On the eve of the Federal Election, the Renters and Housing Union reaffirms our demand for a National Housing Policy which addresses the current housing crisis.

RAHU reaffirms the need for a Federal Government to: 

  • Invest in improving and expanding public housing 
  • Develop a national policy to increase rental protections 
  • Regulate the rental market and real estate industry 

Throughout this election campaign, the major parties have consistently dismissed the needs of our communities. RAHU demands that the federal government develop and implement a National Housing Policy which regulates the rental market by assigning rental prices according to wage growth and CPI. Public housing must urgently be funded for large scale development to meet current and projected demands, alongside tax reform disincentivising development and large scale landlordism. Housing must cease to be an investment opportunity and exist to shelter people, first and foremost.

These demands have been ignored by the major parties in their pre-election campaigning. Having made no mention of housing in their initial budget announcement, the Coalition has made a last minute attempt to address housing with their controversial superannuation scheme for first home buyers. Additionally, the funding committed to First Home Owner Grant schemes and the National Housing Finance and Investment Corp (NFHIC) will exacerbate the housing bubble and reinforce widespread inequality in access to safe and secure housing. 

The ALP has promised $10 billion to the Housing Australia Future Fund, in which investment returns will be transferred to the aforementioned NFHIC, a newly formed corporation headed by large-scale developers and landlords. Rather than committing funding to directly expanding public housing, The ALP’s housing policy is dependent on investment gains made by privately owned social housing developers. Having back-pedalled on its commitment to review raising Centrelink rates above the Henderson poverty line, as well as its promise to reform negative gearing, the Labor Party has also broadly ignored the housing crisis this election.

RAHU urges voters to demand real action on the housing crisis at tomorrow’s election. Regardless of the outcome, we will continue to organise collectively in our communities to protect renters and people in insecure housing throughout the country. Our members don’t wait for government support, they act in solidarity with their neighbours to nurture strong communities. We will continue to oppose the major parties’ housing policies until they stop robbing our communities of the dignity they deserve.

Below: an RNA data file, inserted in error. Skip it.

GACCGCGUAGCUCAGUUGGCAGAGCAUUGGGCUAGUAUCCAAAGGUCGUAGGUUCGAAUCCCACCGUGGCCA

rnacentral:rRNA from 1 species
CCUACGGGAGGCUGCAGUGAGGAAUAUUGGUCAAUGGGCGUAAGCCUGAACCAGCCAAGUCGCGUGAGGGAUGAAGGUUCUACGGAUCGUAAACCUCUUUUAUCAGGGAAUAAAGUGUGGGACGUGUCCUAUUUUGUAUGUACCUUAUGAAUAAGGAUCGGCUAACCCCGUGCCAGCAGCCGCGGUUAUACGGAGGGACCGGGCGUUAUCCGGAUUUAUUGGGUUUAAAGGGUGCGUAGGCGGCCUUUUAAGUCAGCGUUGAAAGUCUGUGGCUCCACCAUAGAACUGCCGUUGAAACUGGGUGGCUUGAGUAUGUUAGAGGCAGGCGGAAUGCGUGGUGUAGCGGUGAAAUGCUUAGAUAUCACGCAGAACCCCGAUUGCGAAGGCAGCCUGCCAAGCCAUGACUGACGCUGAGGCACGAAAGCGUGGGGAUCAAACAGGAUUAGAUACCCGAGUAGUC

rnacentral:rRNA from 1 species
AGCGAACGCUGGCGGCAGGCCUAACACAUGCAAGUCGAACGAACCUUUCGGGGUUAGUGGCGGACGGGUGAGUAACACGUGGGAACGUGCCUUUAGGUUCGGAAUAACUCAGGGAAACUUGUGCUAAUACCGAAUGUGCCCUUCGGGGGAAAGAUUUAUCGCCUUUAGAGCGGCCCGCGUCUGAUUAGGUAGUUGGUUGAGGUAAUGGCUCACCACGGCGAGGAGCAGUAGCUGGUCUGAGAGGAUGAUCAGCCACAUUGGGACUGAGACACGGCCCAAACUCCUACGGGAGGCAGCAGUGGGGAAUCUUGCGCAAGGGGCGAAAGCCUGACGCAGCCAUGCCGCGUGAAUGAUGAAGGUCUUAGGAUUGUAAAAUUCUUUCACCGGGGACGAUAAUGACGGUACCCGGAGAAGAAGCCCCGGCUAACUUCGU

Quotes attributable to Eirene Tsolidis Noyce, RAHU Secretary: 

The truth is that the whole economy is built on a housing bubble. It’s lazy and negligent to reject housing policy that appreciates the unaffordability of both renting and buying shelter in this country. We want to address the housing crisis and we have a huge fight on our hands. We need to adopt a national housing policy which regulates the rental market by tying rental prices to wage growth and CPI.

All levels of government must commit to funding public housing which will meet current and projected housing demands. This will disincentivise the predatory, corporate landlordism which is at the core of the current housing crisis.

Quotes attributable to Ellise Bourne, RAHU Media & Communications Officer:

We need to see a change, not only in policy on a national level, but in the culture of housing in this country.

RAHU members demand that landlords and real estate agents engage with renters in good faith, especially those who are in crisis. We want safe, secure and accessible housing for people, not for profiteers.

J.R. Hewitt
Media and Communications Officer
Contact: [email protected]

The Renters And Housing Union (RAHU) is Australia’s largest member-run Union of renters and people in precarious housing. We collectively organise for the right to safe and secure housing through self-advocacy, education, and frontline eviction defence.  

Find out more and join RAHU https://rahu.org.au/

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